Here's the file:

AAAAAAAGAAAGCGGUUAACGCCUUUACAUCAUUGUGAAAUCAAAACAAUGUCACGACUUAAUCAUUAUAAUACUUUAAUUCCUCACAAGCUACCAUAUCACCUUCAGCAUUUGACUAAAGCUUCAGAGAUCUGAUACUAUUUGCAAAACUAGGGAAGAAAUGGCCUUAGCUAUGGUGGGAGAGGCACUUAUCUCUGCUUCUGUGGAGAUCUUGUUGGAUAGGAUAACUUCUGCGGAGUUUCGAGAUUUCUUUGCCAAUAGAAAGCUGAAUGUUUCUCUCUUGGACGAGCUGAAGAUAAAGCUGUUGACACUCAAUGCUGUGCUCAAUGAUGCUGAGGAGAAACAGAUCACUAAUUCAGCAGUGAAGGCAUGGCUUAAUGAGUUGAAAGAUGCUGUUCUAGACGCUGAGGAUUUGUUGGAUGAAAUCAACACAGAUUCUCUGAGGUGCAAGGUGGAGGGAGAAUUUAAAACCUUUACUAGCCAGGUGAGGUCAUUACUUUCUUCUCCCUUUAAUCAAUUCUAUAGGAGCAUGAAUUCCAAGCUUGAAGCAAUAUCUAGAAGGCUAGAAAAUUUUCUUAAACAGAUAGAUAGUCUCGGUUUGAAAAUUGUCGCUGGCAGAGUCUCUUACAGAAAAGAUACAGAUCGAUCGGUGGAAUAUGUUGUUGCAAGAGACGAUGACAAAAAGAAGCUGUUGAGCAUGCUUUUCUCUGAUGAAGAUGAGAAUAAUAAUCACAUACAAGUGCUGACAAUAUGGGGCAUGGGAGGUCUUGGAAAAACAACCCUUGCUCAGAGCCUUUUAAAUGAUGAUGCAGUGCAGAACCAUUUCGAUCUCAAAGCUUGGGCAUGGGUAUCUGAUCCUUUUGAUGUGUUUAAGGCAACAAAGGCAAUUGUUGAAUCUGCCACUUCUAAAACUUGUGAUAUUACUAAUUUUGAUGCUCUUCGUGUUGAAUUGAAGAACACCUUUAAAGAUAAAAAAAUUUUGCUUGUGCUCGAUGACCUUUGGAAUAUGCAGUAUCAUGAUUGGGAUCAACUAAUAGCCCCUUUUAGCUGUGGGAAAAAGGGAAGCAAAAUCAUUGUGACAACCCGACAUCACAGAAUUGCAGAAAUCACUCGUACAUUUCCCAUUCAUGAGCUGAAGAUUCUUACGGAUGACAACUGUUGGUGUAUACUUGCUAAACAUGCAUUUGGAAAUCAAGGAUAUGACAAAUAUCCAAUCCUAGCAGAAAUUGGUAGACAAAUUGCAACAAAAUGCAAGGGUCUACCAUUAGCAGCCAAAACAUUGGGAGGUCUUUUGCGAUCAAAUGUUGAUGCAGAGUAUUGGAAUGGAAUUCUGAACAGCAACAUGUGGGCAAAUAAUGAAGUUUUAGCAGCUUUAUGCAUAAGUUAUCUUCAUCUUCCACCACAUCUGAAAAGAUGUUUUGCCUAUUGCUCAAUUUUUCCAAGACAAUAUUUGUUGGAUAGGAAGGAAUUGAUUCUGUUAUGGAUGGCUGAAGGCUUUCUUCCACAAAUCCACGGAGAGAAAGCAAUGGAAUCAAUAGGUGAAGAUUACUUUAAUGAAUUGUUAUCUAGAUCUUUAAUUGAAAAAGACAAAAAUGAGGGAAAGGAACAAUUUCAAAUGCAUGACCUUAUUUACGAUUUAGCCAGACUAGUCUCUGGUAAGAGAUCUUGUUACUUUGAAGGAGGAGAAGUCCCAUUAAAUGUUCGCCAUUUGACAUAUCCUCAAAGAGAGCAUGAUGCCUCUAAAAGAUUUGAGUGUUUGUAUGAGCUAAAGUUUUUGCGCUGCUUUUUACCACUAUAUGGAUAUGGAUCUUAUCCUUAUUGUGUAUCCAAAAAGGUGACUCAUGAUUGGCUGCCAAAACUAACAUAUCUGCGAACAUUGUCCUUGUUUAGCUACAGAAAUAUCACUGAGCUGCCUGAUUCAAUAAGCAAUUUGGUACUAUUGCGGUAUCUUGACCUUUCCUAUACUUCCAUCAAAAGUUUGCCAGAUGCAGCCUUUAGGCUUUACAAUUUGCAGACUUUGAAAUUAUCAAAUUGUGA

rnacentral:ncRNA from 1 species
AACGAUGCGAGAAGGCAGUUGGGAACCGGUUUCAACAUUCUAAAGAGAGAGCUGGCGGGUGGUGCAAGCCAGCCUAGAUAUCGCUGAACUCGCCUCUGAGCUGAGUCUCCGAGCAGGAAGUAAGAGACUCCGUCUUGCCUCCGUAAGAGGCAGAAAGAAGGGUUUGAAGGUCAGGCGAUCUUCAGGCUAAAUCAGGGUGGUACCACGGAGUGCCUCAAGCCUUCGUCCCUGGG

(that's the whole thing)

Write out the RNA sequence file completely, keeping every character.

AAAAAAAGAAAGCGGUUAACGCCUUUACAUCAUUGUGAAAUCAAAACAAUGUCACGACUUAAUCAUUAUAAUACUUUAAUUCCUCACAAGCUACCAUAUCACCUUCAGCAUUUGACUAAAGCUUCAGAGAUCUGAUACUAUUUGCAAAACUAGGGAAGAAAUGGCCUUAGCUAUGGUGGGAGAGGCACUUAUCUCUGCUUCUGUGGAGAUCUUGUUGGAUAGGAUAACUUCUGCGGAGUUUCGAGAUUUCUUUGCCAAUAGAAAGCUGAAUGUUUCUCUCUUGGACGAGCUGAAGAUAAAGCUGUUGACACUCAAUGCUGUGCUCAAUGAUGCUGAGGAGAAACAGAUCACUAAUUCAGCAGUGAAGGCAUGGCUUAAUGAGUUGAAAGAUGCUGUUCUAGACGCUGAGGAUUUGUUGGAUGAAAUCAACACAGAUUCUCUGAGGUGCAAGGUGGAGGGAGAAUUUAAAACCUUUACUAGCCAGGUGAGGUCAUUACUUUCUUCUCCCUUUAAUCAAUUCUAUAGGAGCAUGAAUUCCAAGCUUGAAGCAAUAUCUAGAAGGCUAGAAAAUUUUCUUAAACAGAUAGAUAGUCUCGGUUUGAAAAUUGUCGCUGGCAGAGUCUCUUACAGAAAAGAUACAGAUCGAUCGGUGGAAUAUGUUGUUGCAAGAGACGAUGACAAAAAGAAGCUGUUGAGCAUGCUUUUCUCUGAUGAAGAUGAGAAUAAUAAUCACAUACAAGUGCUGACAAUAUGGGGCAUGGGAGGUCUUGGAAAAACAACCCUUGCUCAGAGCCUUUUAAAUGAUGAUGCAGUGCAGAACCAUUUCGAUCUCAAAGCUUGGGCAUGGGUAUCUGAUCCUUUUGAUGUGUUUAAGGCAACAAAGGCAAUUGUUGAAUCUGCCACUUCUAAAACUUGUGAUAUUACUAAUUUUGAUGCUCUUCGUGUUGAAUUGAAGAACACCUUUAAAGAUAAAAAAAUUUUGCUUGUGCUCGAUGACCUUUGGAAUAUGCAGUAUCAUGAUUGGGAUCAACUAAUAGCCCCUUUUAGCUGUGGGAAAAAGGGAAGCAAAAUCAUUGUGACAACCCGACAUCACAGAAUUGCAGAAAUCACUCGUACAUUUCCCAUUCAUGAGCUGAAGAUUCUUACGGAUGACAACUGUUGGUGUAUACUUGCUAAACAUGCAUUUGGAAAUCAAGGAUAUGACAAAUAUCCAAUCCUAGCAGAAAUUGGUAGACAAAUUGCAACAAAAUGCAAGGGUCUACCAUUAGCAGCCAAAACAUUGGGAGGUCUUUUGCGAUCAAAUGUUGAUGCAGAGUAUUGGAAUGGAAUUCUGAACAGCAACAUGUGGGCAAAUAAUGAAGUUUUAGCAGCUUUAUGCAUAAGUUAUCUUCAUCUUCCACCACAUCUGAAAAGAUGUUUUGCCUAUUGCUCAAUUUUUCCAAGACAAUAUUUGUUGGAUAGGAAGGAAUUGAUUCUGUUAUGGAUGGCUGAAGGCUUUCUUCCACAAAUCCACGGAGAGAAAGCAAUGGAAUCAAUAGGUGAAGAUUACUUUAAUGAAUUGUUAUCUAGAUCUUUAAUUGAAAAAGACAAAAAUGAGGGAAAGGAACAAUUUCAAAUGCAUGACCUUAUUUACGAUUUAGCCAGACUAGUCUCUGGUAAGAGAUCUUGUUACUUUGAAGGAGGAGAAGUCCCAUUAAAUGUUCGCCAUUUGACAUAUCCUCAAAGAGAGCAUGAUGCCUCUAAAAGAUUUGAGUGUUUGUAUGAGCUAAAGUUUUUGCGCUGCUUUUUACCACUAUAUGGAUAUGGAUCUUAUCCUUAUUGUGUAUCCAAAAAGGUGACUCAUGAUUGGCUGCCAAAACUAACAUAUCUGCGAACAUUGUCCUUGUUUAGCUACAGAAAUAUCACUGAGCUGCCUGAUUCAAUAAGCAAUUUGGUACUAUUGCGGUAUCUUGACCUUUCCUAUACUUCCAUCAAAAGUUUGCCAGAUGCAGCCUUUAGGCUUUACAAUUUGCAGACUUUGAAAUUAUCAAAUUGUGA

rnacentral:ncRNA from 1 species
AACGAUGCGAGAAGGCAGUUGGGAACCGGUUUCAACAUUCUAAAGAGAGAGCUGGCGGGUGGUGCAAGCCAGCCUAGAUAUCGCUGAACUCGCCUCUGAGCUGAGUCUCCGAGCAGGAAGUAAGAGACUCCGUCUUGCCUCCGUAAGAGGCAGAAAGAAGGGUUUGAAGGUCAGGCGAUCUUCAGGCUAAAUCAGGGUGGUACCACGGAGUGCCUCAAGCCUUCGUCCCUGGG